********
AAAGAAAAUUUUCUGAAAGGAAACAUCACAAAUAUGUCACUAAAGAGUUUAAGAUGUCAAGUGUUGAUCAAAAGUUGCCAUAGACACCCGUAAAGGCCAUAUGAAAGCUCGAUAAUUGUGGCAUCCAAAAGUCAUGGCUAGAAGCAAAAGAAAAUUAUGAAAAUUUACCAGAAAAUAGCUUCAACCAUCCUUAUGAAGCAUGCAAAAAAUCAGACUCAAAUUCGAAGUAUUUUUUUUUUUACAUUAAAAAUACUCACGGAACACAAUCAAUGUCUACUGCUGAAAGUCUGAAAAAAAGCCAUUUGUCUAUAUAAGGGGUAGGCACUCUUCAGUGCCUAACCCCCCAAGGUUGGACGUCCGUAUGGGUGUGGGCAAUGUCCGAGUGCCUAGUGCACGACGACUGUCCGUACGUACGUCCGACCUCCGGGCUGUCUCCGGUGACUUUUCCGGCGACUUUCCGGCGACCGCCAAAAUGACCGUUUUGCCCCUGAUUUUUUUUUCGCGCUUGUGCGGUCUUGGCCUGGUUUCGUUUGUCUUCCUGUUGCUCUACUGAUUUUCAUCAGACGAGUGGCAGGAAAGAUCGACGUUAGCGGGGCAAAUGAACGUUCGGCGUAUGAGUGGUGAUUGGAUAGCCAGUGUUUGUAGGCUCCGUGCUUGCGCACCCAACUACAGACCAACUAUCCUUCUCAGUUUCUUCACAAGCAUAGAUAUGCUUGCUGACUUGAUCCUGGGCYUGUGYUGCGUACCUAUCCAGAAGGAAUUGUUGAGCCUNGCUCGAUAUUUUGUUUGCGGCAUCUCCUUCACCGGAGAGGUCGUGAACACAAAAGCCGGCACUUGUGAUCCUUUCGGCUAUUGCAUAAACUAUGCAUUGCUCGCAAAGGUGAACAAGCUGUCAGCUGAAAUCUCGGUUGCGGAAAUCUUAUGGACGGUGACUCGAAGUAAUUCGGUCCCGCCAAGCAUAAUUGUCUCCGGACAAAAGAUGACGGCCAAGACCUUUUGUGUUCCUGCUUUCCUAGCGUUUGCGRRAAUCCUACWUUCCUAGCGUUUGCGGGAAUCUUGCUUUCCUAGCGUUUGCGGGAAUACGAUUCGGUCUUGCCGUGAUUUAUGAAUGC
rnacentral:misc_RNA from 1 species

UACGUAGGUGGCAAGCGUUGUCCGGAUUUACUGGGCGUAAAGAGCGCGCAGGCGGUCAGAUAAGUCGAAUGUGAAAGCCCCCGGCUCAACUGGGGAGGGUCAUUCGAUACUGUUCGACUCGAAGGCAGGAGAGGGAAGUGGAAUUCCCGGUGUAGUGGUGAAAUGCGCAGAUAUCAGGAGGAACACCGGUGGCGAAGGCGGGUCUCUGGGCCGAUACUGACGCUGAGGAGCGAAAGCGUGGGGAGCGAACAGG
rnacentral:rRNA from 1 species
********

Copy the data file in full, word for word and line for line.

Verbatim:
AAAGAAAAUUUUCUGAAAGGAAACAUCACAAAUAUGUCACUAAAGAGUUUAAGAUGUCAAGUGUUGAUCAAAAGUUGCCAUAGACACCCGUAAAGGCCAUAUGAAAGCUCGAUAAUUGUGGCAUCCAAAAGUCAUGGCUAGAAGCAAAAGAAAAUUAUGAAAAUUUACCAGAAAAUAGCUUCAACCAUCCUUAUGAAGCAUGCAAAAAAUCAGACUCAAAUUCGAAGUAUUUUUUUUUUUACAUUAAAAAUACUCACGGAACACAAUCAAUGUCUACUGCUGAAAGUCUGAAAAAAAGCCAUUUGUCUAUAUAAGGGGUAGGCACUCUUCAGUGCCUAACCCCCCAAGGUUGGACGUCCGUAUGGGUGUGGGCAAUGUCCGAGUGCCUAGUGCACGACGACUGUCCGUACGUACGUCCGACCUCCGGGCUGUCUCCGGUGACUUUUCCGGCGACUUUCCGGCGACCGCCAAAAUGACCGUUUUGCCCCUGAUUUUUUUUUCGCGCUUGUGCGGUCUUGGCCUGGUUUCGUUUGUCUUCCUGUUGCUCUACUGAUUUUCAUCAGACGAGUGGCAGGAAAGAUCGACGUUAGCGGGGCAAAUGAACGUUCGGCGUAUGAGUGGUGAUUGGAUAGCCAGUGUUUGUAGGCUCCGUGCUUGCGCACCCAACUACAGACCAACUAUCCUUCUCAGUUUCUUCACAAGCAUAGAUAUGCUUGCUGACUUGAUCCUGGGCYUGUGYUGCGUACCUAUCCAGAAGGAAUUGUUGAGCCUNGCUCGAUAUUUUGUUUGCGGCAUCUCCUUCACCGGAGAGGUCGUGAACACAAAAGCCGGCACUUGUGAUCCUUUCGGCUAUUGCAUAAACUAUGCAUUGCUCGCAAAGGUGAACAAGCUGUCAGCUGAAAUCUCGGUUGCGGAAAUCUUAUGGACGGUGACUCGAAGUAAUUCGGUCCCGCCAAGCAUAAUUGUCUCCGGACAAAAGAUGACGGCCAAGACCUUUUGUGUUCCUGCUUUCCUAGCGUUUGCGRRAAUCCUACWUUCCUAGCGUUUGCGGGAAUCUUGCUUUCCUAGCGUUUGCGGGAAUACGAUUCGGUCUUGCCGUGAUUUAUGAAUGC
rnacentral:misc_RNA from 1 species

UACGUAGGUGGCAAGCGUUGUCCGGAUUUACUGGGCGUAAAGAGCGCGCAGGCGGUCAGAUAAGUCGAAUGUGAAAGCCCCCGGCUCAACUGGGGAGGGUCAUUCGAUACUGUUCGACUCGAAGGCAGGAGAGGGAAGUGGAAUUCCCGGUGUAGUGGUGAAAUGCGCAGAUAUCAGGAGGAACACCGGUGGCGAAGGCGGGUCUCUGGGCCGAUACUGACGCUGAGGAGCGAAAGCGUGGGGAGCGAACAGG
rnacentral:rRNA from 1 species